IBBY (the International Board on Books for Young People) is the organisation behind it, and it crops up the world over at the initiative of the local branches of IBBY (IBBY Ireland in our case), libraries, schools or arts centres.
Thus I went off with the lovely plan to present a book published in English, relating the story of an Armenian folklore hero and written by a French author. It doesn't get much more international than Disaster David!
Now, as with all lovely plans, some adjustments (ie big improv) had to be made.
(1) I had to go to Meath twice that morning, courtesy of the bus strike: the first time I nearly went on the bus (there was no bus); the second time, I rushed home from Busarás and drove.
(2) the first group I met in Navan expected to hear about Mad Cap. As they hadn't had a chance to read the book yet, there was no disappointment, it just meant that the Q&A at the end was a bit disconnected from the rest of the session.
I was delighted to restore one participant's faith in grown-ups when I turned out to be the first adult she had ever met who knew about manga.
So a great day all in all, and a great reassurance that, yes, I can improvise if needs must!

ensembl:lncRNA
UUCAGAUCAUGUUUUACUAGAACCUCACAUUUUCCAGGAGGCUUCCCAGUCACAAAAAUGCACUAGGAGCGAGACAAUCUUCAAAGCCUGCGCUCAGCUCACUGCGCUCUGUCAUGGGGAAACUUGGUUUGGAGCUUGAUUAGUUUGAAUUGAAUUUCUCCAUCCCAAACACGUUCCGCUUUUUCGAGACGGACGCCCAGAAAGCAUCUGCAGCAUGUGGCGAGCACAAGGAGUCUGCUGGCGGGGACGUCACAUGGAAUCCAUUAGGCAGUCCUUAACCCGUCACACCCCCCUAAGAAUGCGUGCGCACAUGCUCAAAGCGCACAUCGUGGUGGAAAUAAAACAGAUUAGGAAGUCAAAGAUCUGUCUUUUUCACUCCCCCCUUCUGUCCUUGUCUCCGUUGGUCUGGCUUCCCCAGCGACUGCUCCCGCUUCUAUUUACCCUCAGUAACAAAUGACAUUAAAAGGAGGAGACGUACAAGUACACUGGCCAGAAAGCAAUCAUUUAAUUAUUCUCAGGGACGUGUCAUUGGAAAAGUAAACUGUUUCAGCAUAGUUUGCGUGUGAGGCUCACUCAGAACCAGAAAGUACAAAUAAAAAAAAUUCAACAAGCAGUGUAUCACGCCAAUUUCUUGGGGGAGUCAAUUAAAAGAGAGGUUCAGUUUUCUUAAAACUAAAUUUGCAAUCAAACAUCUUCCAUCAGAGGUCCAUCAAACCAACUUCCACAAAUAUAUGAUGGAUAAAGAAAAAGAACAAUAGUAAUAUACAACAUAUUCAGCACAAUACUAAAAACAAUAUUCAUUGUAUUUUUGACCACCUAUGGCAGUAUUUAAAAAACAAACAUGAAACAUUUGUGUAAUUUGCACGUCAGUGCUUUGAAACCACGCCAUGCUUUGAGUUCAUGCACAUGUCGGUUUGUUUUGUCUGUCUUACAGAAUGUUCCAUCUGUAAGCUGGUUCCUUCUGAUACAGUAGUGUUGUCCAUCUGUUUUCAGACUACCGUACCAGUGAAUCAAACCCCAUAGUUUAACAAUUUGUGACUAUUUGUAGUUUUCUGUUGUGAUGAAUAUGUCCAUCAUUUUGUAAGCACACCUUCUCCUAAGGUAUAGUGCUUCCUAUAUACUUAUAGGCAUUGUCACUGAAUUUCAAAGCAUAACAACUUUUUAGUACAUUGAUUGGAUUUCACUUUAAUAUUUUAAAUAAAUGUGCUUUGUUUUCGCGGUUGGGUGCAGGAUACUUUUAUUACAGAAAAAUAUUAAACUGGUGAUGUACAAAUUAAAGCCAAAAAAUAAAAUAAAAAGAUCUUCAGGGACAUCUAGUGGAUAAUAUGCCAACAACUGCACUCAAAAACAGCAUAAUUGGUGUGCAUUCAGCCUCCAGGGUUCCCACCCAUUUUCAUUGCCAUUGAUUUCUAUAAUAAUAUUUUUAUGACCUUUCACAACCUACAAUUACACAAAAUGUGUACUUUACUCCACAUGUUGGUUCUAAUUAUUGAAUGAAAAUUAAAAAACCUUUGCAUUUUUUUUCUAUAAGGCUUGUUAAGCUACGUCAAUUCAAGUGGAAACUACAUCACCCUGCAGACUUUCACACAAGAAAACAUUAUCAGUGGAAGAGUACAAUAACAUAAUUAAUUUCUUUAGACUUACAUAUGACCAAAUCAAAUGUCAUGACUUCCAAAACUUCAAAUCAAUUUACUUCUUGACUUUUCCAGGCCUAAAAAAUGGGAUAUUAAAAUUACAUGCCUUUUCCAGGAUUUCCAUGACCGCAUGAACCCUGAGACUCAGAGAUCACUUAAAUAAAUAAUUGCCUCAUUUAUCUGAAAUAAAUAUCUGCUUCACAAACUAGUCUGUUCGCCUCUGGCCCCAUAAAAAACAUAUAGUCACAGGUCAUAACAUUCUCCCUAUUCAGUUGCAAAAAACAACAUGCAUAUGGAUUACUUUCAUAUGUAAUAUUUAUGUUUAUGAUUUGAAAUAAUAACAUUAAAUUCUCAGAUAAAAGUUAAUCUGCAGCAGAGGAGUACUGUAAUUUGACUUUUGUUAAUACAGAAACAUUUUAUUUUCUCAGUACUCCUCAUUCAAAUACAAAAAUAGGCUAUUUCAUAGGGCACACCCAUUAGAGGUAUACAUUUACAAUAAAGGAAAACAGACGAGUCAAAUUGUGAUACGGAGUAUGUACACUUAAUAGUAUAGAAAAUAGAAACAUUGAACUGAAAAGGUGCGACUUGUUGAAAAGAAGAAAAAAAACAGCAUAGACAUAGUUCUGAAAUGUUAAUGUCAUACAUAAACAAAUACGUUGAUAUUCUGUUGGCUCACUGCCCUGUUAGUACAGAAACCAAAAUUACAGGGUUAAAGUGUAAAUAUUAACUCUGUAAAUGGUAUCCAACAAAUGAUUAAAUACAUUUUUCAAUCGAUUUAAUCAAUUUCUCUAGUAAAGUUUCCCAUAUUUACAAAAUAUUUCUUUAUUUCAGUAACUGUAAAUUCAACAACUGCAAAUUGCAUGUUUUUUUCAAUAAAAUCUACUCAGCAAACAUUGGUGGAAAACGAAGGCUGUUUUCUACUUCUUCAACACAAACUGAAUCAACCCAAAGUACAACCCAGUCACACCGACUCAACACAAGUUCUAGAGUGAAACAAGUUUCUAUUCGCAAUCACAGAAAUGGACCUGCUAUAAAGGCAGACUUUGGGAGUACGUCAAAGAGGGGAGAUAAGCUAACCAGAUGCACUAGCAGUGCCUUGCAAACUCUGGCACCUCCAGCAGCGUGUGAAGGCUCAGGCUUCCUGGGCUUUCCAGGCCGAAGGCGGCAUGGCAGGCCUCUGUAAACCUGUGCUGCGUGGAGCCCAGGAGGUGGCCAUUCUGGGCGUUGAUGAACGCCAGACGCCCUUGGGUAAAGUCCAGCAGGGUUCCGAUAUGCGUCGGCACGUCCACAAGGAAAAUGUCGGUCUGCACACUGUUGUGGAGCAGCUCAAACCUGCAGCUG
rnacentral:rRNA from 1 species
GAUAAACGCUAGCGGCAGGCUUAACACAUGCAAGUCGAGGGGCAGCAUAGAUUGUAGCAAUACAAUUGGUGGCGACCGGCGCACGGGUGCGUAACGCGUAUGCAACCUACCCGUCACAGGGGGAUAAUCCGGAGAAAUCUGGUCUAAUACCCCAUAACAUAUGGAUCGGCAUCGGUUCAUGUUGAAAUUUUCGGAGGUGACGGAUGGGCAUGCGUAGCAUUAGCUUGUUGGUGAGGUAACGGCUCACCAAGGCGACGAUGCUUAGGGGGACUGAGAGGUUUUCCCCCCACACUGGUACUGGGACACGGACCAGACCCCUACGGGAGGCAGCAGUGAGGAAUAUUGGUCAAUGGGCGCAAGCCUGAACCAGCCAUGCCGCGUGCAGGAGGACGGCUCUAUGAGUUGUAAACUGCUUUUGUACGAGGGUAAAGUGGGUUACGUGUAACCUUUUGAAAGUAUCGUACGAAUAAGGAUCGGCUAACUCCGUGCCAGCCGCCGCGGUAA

Plus, I got to meet a young song writer who's in with a chance to write the song for the Irish contestant in the Junior Eurovision. How cool is that?
Thanks to everyone for having me and looking after me!
Who Let the Gods Out by Maz Evans: for fans of Greek mythology and running around the Underworld
The Thin Executioner by Darren Shan: a stand-alone novel with plenty of action and gore; his best book in my humble opinion
The Thing About Jellyfish by Ali Benjamin: a sad-and-funny story for fans of Jacqueline Wilson
That's it, as far as I can remember!
For those who wanted to know more about Book Doctors and Book Clinics, it's over here: http://childrensbooksireland.ie/book-clinics/ and here for the upcoming dates: http://childrensbooksireland.ie/events/
Friday, March 31, 2017
Wednesday, March 29, 2017
|Chris Haughton's starry night in Goodnight Everyone gets the Baby Bookclub treatment|
|First Class are giants today|
He has proved a very likeable hero and we've had great fun reading about his antics and creating some new ones for him.
An interesting aspect of this for me has been rewriting the text for a younger audience (of infants classes). A simplified version, with a bit less poetic imagery but a stronger purpose. Which has me wondering why I didn't write it like this in the first place? Writing simply has always been an issue for me; that is one of the reasons I started writing in English, thinking I wouldn't be able to indulge in fancy language as much in a foreign tongue. It worked for Beckett, but I'm not sure it has for me! (The other reason for writing in English was to stop sneaking in heaps of internal rhyming as I do in French; this has been a lot more successful as I can't seem to rhyme in English.)